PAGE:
Nuclear-powered icebreaker

(c) Tuomas Romu, CC BY-SA 3.0
Nuclear icebreaker Yamal, 2015

A nuclear-powered icebreaker is a nuclear-powered ship, purpose-built for use in waters covered with ice. While nuclear-powered icebreakers have been considered or planned by other countries, the only country that has built and operated them as of 2022 is Russia. Nuclear-powered icebreakers were constructed by the Soviet Union and later Russia primarily to aid shipping along the Northern Sea Route in the frozen Arctic waterways north of Siberia.[1] Nuclear-powered icebreakers are much more powerful than their diesel-powered counterparts. Although nuclear propulsion is expensive to install and maintain, very heavy fuel demands, limitations on range, and difficulty refueling in the Arctic region can make diesel vessels less practical and less economical overall for these ice-breaking duties.

During the winter, the ice along the Northern Sea Route varies in thickness from 1.2 to 2.0 metres (3.9 to 6.5 feet). The ice in central parts of the Arctic Ocean is on average 2.5 metres (8.2 ft) thick. Nuclear-powered icebreakers can force through this ice at speeds up to 10 knots (19 km/h, 12 mph). In ice-free waters, the maximum speed of the nuclear-powered icebreakers is as much as 21 knots (39 km/h, 24 mph).

Uses of nuclear-powered icebreakers

Arktika, the first surface ship to reach the North Pole, 2006

Russian Arktika-class icebreakers are used to force through the ice for the benefit of cargo ships and other vessels along the Northern Sea Route, which comprises the eastern part of the Barents Sea, the Pechora Sea, the Kara Sea, the Laptev Sea, and the Eastern Siberian Sea to the Bering Strait. Other important ports include Dikson, Tiksi, and Pevek. Of six Arktika-class icebreakers built in 1975–2007, two are currently in service.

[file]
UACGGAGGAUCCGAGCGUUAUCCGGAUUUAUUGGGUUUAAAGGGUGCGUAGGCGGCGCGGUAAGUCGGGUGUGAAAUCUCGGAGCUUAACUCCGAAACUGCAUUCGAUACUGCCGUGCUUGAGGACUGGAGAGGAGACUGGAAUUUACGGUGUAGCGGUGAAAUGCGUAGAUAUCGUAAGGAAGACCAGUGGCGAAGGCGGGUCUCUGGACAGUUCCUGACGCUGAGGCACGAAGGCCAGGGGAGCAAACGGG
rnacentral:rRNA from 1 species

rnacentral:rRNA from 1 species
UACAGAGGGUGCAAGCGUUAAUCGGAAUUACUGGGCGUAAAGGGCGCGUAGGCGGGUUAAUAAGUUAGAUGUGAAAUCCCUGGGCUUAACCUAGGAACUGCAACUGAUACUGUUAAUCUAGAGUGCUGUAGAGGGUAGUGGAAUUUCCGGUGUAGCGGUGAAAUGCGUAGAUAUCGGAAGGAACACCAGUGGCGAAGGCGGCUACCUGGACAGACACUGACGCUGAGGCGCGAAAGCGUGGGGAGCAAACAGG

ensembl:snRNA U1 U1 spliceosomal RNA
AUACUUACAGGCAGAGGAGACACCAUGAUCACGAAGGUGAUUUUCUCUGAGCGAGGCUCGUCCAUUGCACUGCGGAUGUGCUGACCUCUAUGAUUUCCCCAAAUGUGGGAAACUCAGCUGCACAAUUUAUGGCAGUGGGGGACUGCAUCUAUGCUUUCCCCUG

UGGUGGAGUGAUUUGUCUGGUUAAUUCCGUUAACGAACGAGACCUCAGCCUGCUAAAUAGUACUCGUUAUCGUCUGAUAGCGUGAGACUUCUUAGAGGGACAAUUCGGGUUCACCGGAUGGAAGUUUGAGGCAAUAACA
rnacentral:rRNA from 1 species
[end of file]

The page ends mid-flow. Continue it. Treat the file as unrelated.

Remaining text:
Two shallow-draft nuclear-powered icebreakers, Vaygach and Taymyr, have been built for shallow waters and are usually used from the Yenisei River to Dikson, where they break through the ice followed by cargo ships with lumber from Igarka and cargo ships with ore and metals from the Norilsk Company's port in Dudinka.

The icebreakers have also been used for a number of scientific expeditions in the Arctic. On August 17, 1977, Arktika was the first surface vessel in the world to reach the North Pole. Since 1989, some icebreakers have been used for Arctic tourist cruises.

Russian nuclear icebreakers

Icebreaker Rossiya, Murmansk, 2012
Vaygach in 1999
The world's second largest nuclear icebreaker, 50 Let Pobedy

As of 2021, twelve civilian nuclear-powered vessels have entered service in the USSR and Russia. Eleven of these are icebreakers, and one is a cargo ship with an icebreaking bow. All six nuclear-powered icebreakers of the Arktika class have been built at the Baltic Shipyard in St. Petersburg. Vaygach and Taymyr were built at the Helsinki New Shipyard in Finland and then brought to Russia for installation of the reactors and turbogenerators.

In addition to icebreakers, the Soviet Union built a nuclear-powered ice-strengthened cargo ship Sevmorput.


Class nameIn serviceProject numberShips
Arktika1975–present105206 (4 decommissioned; 2 in service)
Project 222202020–present222207 (2 in service; 3 under construction; 2 planned)
Project 105102027 (planned)105103 (1 under construction; 2 planned)


Ship nameIn serviceStatusProject numberClassComments
Lenin1959–1989Museum ship92M
Arktika1975–2008Decommissioned1052-1ArktikaReactors removed; awaiting scrapping
Sibir1977–1992Decommissioned1052-2ArktikaReactors removed; awaiting scrapping
Rossiya1985–2013Decommissioned10521-1ArktikaAwaiting scrapping
Taymyr1989–presentIn service10580-1Taymyr
Sovetskiy Soyuz1990–2014Decommissioned10521-2ArktikaAwaiting scrapping
Vaygach1990–presentIn service10580-2Taymyr
Yamal1993–presentIn service10521-3Arktika
50 Let Pobedy2007–presentIn service10521ArktikaLaunched as Ural
Arktika2020–presentIn service22220Project 22220
Sibir2022–presentIn service22220Project 22220
Ural2022 (planned)Launched22220Project 22220